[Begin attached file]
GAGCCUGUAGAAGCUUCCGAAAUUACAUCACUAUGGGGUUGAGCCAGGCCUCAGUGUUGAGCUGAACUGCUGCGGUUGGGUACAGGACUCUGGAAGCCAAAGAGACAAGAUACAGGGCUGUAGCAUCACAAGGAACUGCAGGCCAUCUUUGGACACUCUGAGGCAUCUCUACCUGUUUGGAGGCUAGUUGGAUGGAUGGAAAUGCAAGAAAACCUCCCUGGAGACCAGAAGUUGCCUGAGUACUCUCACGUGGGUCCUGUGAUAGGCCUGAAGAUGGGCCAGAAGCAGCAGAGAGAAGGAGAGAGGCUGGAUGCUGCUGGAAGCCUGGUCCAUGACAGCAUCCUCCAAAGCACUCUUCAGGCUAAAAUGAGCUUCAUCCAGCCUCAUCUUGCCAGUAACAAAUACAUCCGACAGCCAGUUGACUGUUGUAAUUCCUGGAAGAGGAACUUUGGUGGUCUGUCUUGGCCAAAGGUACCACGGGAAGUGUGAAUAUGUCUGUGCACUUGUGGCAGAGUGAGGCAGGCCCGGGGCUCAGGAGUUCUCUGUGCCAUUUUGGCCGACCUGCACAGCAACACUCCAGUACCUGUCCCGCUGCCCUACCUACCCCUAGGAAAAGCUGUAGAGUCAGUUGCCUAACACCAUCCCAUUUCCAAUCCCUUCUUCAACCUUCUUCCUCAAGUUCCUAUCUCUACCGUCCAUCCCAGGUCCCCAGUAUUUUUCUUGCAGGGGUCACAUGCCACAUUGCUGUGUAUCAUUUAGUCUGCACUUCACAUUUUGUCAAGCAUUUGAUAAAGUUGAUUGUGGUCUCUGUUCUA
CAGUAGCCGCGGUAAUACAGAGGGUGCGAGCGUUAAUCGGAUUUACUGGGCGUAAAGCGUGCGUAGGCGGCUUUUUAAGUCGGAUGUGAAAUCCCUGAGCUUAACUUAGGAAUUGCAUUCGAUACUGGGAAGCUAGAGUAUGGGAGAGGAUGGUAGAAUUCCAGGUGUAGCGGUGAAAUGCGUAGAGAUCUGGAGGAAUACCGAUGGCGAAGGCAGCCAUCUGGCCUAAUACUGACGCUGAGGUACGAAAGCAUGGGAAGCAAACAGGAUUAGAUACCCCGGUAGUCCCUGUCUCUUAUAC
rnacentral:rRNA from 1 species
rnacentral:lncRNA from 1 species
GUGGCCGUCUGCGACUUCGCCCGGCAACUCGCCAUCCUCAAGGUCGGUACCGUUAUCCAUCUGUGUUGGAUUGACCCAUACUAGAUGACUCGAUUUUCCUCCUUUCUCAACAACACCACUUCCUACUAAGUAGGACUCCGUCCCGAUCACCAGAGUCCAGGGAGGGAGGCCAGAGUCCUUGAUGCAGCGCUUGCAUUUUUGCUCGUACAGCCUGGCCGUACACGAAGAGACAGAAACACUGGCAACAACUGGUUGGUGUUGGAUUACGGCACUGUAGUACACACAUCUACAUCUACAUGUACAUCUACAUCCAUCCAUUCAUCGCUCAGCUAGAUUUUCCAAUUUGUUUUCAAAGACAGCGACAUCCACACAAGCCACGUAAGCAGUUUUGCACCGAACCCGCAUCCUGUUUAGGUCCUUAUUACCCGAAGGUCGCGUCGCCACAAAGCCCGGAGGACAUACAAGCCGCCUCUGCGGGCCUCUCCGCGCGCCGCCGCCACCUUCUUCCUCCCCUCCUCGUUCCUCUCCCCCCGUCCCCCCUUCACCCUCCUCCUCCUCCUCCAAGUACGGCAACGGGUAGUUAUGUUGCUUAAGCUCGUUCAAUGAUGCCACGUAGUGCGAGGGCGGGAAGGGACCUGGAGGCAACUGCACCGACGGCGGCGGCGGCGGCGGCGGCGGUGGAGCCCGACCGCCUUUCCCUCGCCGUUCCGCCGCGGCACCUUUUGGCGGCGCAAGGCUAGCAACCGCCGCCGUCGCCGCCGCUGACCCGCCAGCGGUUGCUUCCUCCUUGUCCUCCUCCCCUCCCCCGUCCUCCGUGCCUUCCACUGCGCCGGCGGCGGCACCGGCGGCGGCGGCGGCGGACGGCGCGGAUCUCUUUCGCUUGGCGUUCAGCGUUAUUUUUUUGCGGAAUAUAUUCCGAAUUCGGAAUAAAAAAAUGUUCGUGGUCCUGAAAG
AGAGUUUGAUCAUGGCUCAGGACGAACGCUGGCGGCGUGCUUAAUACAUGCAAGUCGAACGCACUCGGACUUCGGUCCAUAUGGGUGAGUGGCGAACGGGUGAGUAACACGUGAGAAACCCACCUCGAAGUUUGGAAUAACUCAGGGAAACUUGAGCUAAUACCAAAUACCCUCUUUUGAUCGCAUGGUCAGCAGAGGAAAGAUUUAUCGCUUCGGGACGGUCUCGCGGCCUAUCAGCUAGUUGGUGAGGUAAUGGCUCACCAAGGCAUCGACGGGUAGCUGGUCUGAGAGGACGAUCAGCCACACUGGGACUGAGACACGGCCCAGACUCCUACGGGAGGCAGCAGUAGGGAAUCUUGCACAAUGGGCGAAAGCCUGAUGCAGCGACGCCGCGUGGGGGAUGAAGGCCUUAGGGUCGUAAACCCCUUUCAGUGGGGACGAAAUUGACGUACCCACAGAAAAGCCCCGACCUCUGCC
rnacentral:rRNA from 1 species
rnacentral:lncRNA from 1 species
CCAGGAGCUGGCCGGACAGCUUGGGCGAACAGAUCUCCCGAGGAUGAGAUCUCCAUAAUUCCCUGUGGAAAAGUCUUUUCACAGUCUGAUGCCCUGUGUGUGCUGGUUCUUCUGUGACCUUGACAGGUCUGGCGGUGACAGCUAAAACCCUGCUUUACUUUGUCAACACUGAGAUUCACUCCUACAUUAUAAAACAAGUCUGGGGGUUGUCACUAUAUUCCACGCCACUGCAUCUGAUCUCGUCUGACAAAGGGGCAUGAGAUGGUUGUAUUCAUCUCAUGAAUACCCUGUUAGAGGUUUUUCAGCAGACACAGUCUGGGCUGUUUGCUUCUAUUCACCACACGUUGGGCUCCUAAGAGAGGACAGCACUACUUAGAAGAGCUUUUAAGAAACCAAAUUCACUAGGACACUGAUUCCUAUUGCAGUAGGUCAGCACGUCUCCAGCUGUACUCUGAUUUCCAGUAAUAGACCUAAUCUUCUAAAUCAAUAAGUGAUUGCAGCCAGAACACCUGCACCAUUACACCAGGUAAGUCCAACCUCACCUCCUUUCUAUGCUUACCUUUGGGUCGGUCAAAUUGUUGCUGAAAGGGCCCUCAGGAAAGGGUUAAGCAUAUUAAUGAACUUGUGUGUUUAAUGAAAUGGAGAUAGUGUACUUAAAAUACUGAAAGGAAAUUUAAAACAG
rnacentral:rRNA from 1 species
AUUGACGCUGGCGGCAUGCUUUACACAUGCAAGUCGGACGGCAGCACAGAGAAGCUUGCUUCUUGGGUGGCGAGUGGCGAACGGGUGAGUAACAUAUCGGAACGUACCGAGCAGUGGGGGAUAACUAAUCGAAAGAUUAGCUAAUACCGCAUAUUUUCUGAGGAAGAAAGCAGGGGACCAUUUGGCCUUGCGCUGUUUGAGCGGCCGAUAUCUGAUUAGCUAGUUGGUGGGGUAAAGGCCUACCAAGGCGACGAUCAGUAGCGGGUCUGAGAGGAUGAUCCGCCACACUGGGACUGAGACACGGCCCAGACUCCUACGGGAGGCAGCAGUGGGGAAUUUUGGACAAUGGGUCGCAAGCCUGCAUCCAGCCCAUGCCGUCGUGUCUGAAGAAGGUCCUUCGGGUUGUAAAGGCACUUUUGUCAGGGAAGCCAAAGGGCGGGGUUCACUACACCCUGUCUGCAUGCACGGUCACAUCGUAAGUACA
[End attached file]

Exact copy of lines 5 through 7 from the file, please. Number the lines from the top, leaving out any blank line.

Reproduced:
GUGGCCGUCUGCGACUUCGCCCGGCAACUCGCCAUCCUCAAGGUCGGUACCGUUAUCCAUCUGUGUUGGAUUGACCCAUACUAGAUGACUCGAUUUUCCUCCUUUCUCAACAACACCACUUCCUACUAAGUAGGACUCCGUCCCGAUCACCAGAGUCCAGGGAGGGAGGCCAGAGUCCUUGAUGCAGCGCUUGCAUUUUUGCUCGUACAGCCUGGCCGUACACGAAGAGACAGAAACACUGGCAACAACUGGUUGGUGUUGGAUUACGGCACUGUAGUACACACAUCUACAUCUACAUGUACAUCUACAUCCAUCCAUUCAUCGCUCAGCUAGAUUUUCCAAUUUGUUUUCAAAGACAGCGACAUCCACACAAGCCACGUAAGCAGUUUUGCACCGAACCCGCAUCCUGUUUAGGUCCUUAUUACCCGAAGGUCGCGUCGCCACAAAGCCCGGAGGACAUACAAGCCGCCUCUGCGGGCCUCUCCGCGCGCCGCCGCCACCUUCUUCCUCCCCUCCUCGUUCCUCUCCCCCCGUCCCCCCUUCACCCUCCUCCUCCUCCUCCAAGUACGGCAACGGGUAGUUAUGUUGCUUAAGCUCGUUCAAUGAUGCCACGUAGUGCGAGGGCGGGAAGGGACCUGGAGGCAACUGCACCGACGGCGGCGGCGGCGGCGGCGGCGGUGGAGCCCGACCGCCUUUCCCUCGCCGUUCCGCCGCGGCACCUUUUGGCGGCGCAAGGCUAGCAACCGCCGCCGUCGCCGCCGCUGACCCGCCAGCGGUUGCUUCCUCCUUGUCCUCCUCCCCUCCCCCGUCCUCCGUGCCUUCCACUGCGCCGGCGGCGGCACCGGCGGCGGCGGCGGCGGACGGCGCGGAUCUCUUUCGCUUGGCGUUCAGCGUUAUUUUUUUGCGGAAUAUAUUCCGAAUUCGGAAUAAAAAAAUGUUCGUGGUCCUGAAAG
AGAGUUUGAUCAUGGCUCAGGACGAACGCUGGCGGCGUGCUUAAUACAUGCAAGUCGAACGCACUCGGACUUCGGUCCAUAUGGGUGAGUGGCGAACGGGUGAGUAACACGUGAGAAACCCACCUCGAAGUUUGGAAUAACUCAGGGAAACUUGAGCUAAUACCAAAUACCCUCUUUUGAUCGCAUGGUCAGCAGAGGAAAGAUUUAUCGCUUCGGGACGGUCUCGCGGCCUAUCAGCUAGUUGGUGAGGUAAUGGCUCACCAAGGCAUCGACGGGUAGCUGGUCUGAGAGGACGAUCAGCCACACUGGGACUGAGACACGGCCCAGACUCCUACGGGAGGCAGCAGUAGGGAAUCUUGCACAAUGGGCGAAAGCCUGAUGCAGCGACGCCGCGUGGGGGAUGAAGGCCUUAGGGUCGUAAACCCCUUUCAGUGGGGACGAAAUUGACGUACCCACAGAAAAGCCCCGACCUCUGCC
rnacentral:rRNA from 1 species